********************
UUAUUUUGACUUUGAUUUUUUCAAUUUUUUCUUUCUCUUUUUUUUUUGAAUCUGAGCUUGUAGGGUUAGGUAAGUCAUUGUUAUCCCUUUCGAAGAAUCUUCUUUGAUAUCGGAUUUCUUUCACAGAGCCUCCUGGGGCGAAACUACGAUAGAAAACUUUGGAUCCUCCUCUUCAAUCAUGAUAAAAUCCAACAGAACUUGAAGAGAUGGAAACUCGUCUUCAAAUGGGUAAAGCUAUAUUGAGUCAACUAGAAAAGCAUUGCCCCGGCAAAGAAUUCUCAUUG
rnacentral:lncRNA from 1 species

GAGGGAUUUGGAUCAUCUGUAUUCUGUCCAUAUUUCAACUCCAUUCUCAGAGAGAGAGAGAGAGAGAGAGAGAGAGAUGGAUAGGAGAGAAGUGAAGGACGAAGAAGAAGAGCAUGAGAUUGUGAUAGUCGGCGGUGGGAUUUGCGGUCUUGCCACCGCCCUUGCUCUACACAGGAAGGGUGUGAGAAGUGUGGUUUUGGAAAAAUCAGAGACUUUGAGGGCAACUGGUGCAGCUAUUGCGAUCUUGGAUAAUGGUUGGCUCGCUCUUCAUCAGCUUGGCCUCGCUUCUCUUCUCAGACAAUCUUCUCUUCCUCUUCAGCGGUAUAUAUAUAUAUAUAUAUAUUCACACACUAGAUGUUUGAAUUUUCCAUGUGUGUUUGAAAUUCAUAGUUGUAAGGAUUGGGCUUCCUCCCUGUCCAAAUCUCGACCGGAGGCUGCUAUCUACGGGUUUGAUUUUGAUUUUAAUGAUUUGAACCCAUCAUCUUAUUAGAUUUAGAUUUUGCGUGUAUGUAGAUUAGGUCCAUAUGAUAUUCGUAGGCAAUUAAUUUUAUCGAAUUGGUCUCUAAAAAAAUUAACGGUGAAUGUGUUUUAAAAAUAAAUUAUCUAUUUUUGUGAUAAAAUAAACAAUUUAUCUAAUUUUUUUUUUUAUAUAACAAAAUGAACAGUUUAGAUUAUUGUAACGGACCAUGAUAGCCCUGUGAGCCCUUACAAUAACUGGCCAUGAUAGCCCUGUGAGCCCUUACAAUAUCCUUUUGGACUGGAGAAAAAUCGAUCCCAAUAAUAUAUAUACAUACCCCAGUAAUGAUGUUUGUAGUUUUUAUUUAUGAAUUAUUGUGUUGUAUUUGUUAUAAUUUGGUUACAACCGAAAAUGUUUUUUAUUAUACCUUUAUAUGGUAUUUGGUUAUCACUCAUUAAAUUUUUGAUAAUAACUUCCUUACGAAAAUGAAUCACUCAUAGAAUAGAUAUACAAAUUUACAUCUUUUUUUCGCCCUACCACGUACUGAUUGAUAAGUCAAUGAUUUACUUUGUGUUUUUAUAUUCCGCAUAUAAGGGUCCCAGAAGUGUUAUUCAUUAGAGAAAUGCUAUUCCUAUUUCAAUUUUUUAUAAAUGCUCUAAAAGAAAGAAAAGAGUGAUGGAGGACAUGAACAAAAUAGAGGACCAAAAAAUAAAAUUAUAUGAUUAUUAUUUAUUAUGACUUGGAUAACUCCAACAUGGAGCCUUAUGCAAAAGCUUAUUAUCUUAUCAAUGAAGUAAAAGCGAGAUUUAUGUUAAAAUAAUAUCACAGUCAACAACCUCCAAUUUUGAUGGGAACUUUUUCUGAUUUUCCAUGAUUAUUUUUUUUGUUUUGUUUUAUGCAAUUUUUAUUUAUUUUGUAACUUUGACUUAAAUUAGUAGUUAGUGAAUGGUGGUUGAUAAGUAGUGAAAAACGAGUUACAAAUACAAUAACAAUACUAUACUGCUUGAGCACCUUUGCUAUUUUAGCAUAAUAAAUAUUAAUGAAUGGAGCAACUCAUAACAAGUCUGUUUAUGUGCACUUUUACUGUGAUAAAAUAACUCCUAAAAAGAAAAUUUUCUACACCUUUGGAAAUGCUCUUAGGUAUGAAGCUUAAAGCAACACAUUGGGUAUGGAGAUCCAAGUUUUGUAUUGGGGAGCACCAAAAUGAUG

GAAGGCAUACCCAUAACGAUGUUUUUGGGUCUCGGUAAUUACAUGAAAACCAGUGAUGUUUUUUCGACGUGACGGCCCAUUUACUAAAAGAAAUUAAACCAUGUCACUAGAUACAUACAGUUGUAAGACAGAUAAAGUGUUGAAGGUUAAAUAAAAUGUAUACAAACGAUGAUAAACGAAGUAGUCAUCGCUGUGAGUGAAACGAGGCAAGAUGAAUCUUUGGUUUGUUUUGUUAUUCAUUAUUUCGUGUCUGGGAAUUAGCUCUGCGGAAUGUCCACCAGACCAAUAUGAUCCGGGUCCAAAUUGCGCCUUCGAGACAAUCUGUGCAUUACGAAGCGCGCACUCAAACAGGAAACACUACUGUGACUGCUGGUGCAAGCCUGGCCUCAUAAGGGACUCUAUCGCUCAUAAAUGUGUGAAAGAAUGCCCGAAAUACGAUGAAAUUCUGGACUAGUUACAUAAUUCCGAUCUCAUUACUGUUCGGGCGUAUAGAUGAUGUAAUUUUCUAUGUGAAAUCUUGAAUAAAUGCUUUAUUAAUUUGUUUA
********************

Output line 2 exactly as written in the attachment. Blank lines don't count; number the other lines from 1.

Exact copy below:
rnacentral:lncRNA from 1 species